Communication and data are the backbone of the global capital markets. Financial services transactions happen not between people, but between servers. The extent of these communications enacted virtually – at the network edge – account for most of all financial services’ exchanges and correspondence.
Ensuring that data arrives with minimal, deterministic and 'fair' latency is vital. Financial institutions, however, are increasingly faced with the challenge of deploying a network that champions zero latency and high throughput at the lowest possible total cost of ownership (TCO).
Having reached the end of an extraordinary decade of technology advances, financial companies commonly manage hundreds of trades per millisecond over direct 10 Gigabit Ethernet (10GbE) connections. With each trade preceded by up to 15,000 quotes, the sheer volume of information transacted every second is incredible.
Managing this fast-growing volume of data is difficult. Even more challenging for network providers, though, is managing financial data networks fast enough to support competitive advantage. Competitive success in financial networks today is defined in microseconds.
Studies have shown that tens of milliseconds of delay in data delivery can represent a ten per cent drop in revenue, and delays of even five microseconds per trade can cost hundreds of thousands of pounds.
Speed and throughput, therefore, is often a priority for extreme and complex scaleability when serving IT infrastructure that supports capital markets.
Scaling out with components that are cost-effective, energy efficient and easy to manage generates greater returns than scaling up by adding more power and complexity to a smaller number of expensive components.
A new approach that flattens the datacentre architecture into a more dense configuration of racks and rows can shrink the datacentre footprint, enable faster communication across fewer hops, and minimise overall application latency.
Financial services datacentres are increasingly interested in the potential for server virtualisation to reduce TCO. Server virtualisation calls for innovative advances in virtualisation-aware networking.
However, server virtualisation has both potential benefits and drawbacks. It can maximise underutilised resources and minimise infrastructure spending – but add complexity and administrative overhead for the network administrator.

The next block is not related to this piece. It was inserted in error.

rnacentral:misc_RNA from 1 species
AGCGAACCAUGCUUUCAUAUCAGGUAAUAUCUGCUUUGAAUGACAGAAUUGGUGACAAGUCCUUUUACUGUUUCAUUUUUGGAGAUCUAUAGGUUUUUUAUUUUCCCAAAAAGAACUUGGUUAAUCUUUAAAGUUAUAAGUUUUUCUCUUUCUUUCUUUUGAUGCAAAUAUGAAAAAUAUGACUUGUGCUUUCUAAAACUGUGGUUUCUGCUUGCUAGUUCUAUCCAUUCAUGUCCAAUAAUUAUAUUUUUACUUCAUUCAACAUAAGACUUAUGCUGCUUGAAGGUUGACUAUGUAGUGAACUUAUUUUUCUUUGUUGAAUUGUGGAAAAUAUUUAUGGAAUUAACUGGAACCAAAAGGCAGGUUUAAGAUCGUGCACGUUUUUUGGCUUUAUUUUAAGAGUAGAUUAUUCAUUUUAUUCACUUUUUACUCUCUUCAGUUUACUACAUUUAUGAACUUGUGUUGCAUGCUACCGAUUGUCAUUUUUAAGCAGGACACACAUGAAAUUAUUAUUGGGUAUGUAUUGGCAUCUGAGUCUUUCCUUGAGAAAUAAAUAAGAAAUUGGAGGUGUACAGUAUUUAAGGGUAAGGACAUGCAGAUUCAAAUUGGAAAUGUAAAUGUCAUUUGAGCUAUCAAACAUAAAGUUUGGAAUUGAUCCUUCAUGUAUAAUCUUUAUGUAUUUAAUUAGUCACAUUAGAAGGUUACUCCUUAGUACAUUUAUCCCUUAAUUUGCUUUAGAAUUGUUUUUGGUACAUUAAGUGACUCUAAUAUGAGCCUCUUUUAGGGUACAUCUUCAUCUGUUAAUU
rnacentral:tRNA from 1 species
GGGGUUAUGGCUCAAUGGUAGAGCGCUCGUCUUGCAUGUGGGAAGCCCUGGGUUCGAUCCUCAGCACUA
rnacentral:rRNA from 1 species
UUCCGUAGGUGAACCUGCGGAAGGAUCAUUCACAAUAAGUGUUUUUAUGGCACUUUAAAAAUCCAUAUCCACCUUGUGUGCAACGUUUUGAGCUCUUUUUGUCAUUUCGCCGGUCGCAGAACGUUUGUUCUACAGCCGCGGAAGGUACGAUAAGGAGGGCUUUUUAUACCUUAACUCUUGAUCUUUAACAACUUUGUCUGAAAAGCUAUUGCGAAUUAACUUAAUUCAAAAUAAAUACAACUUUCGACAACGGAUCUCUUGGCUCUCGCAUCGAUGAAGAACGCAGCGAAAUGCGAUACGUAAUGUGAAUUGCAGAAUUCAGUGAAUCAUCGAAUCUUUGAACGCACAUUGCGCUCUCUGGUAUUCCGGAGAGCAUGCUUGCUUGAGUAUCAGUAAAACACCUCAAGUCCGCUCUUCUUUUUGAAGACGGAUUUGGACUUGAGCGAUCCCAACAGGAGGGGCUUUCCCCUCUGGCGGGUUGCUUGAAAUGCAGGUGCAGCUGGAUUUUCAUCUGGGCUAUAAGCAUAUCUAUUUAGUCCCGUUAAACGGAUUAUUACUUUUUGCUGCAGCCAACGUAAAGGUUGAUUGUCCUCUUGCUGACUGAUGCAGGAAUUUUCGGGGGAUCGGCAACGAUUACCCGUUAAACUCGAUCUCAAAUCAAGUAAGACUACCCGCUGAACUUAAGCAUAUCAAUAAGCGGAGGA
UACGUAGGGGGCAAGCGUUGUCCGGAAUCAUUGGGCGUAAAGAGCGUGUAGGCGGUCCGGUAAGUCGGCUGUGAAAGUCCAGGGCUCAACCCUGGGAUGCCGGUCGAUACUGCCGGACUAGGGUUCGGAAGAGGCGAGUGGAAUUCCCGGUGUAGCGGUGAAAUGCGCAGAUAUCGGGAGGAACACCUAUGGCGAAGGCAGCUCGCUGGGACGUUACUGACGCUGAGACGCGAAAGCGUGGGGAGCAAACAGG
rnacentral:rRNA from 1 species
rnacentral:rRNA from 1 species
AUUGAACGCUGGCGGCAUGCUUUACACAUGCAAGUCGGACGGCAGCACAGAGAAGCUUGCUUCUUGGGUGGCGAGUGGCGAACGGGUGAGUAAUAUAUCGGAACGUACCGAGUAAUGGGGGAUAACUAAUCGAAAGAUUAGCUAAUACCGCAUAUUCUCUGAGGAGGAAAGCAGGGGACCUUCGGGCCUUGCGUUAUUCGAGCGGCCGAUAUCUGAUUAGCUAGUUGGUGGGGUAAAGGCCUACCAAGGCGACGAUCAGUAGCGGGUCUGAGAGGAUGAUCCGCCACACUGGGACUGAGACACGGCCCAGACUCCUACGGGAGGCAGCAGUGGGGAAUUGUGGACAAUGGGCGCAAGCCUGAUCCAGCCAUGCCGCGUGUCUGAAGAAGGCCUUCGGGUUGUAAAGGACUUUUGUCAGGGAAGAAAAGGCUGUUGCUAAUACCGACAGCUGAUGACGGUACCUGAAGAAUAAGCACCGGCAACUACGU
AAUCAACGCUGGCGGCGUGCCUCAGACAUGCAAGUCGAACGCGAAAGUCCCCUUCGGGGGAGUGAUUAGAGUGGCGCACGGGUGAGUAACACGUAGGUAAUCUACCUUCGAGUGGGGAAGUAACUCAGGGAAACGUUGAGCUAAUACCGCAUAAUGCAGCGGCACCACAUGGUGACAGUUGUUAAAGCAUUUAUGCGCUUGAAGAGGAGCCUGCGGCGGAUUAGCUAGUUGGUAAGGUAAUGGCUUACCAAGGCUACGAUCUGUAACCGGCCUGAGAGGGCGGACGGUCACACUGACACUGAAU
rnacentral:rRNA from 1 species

The latest ‘best-of-breed’ network infrastructures are beginning to address this problem by automatically migrating network policies along with virtual machines as they move across different physical servers.
Conventional network switches are unaware of Virtual Machines (VMs), which leaves the network vulnerable to risks of service outages and security breaches due to incorrect network configuration. Sophisticated networks that are better equipped to handle transient VMs enable the unique identification and network configuration for each Virtual Machine. They 'see' VMs as they migrate from server to server, reconfiguring the network in real-time – automatically preserving essential security, access and performance policies, within or across datacentres, and even automatically unifying and synchronising physical and virtual networks between geographically dispersed datacentres.
In the past, different discreet devices have been dedicated to a very specific role. For example, routers were used for Layer 3 networking, while switches were used for Layer 2 networking and server interconnects. Each of these devices added hops, latency, complexity, power consumption and potential risk of failure.
The way to reduce latency and meet financial services objectives is to use multi-service devices that can provide Layer 2 switching and Layer 3 routing in a single device, and in today’s emerging flat network topologies to eliminate Layer 3 routing altogether, reducing the complexity and latency between the devices.
Ethernet continues to evolve, with advances such as Datacentre Bridging (DCB) that provides an even, reliable and regulated flow of traffic between high-speed Ethernet nodes, enabling data and storage traffic to be converged on a unified networking fabric and high-speed 'lanes' to be dedicated to high-priority traffic. DCB brings to Ethernet, which was formerly a 'best effort' technology, the lossless capabilities, which ensure that mission-critical applications, like the ones used in the financial sector such as algorithmic trading and market data feeds, are never delayed or paused due to congestion.
With these emerging technologies, network equipment providers and innovative City firms are quickly realising how they can address the challenge of management, utilisation, scaleability, low latency and high bandwidth at a low TCO.
Charles Ferland is vice president and general manager of EMEA at Blade Network Technologies
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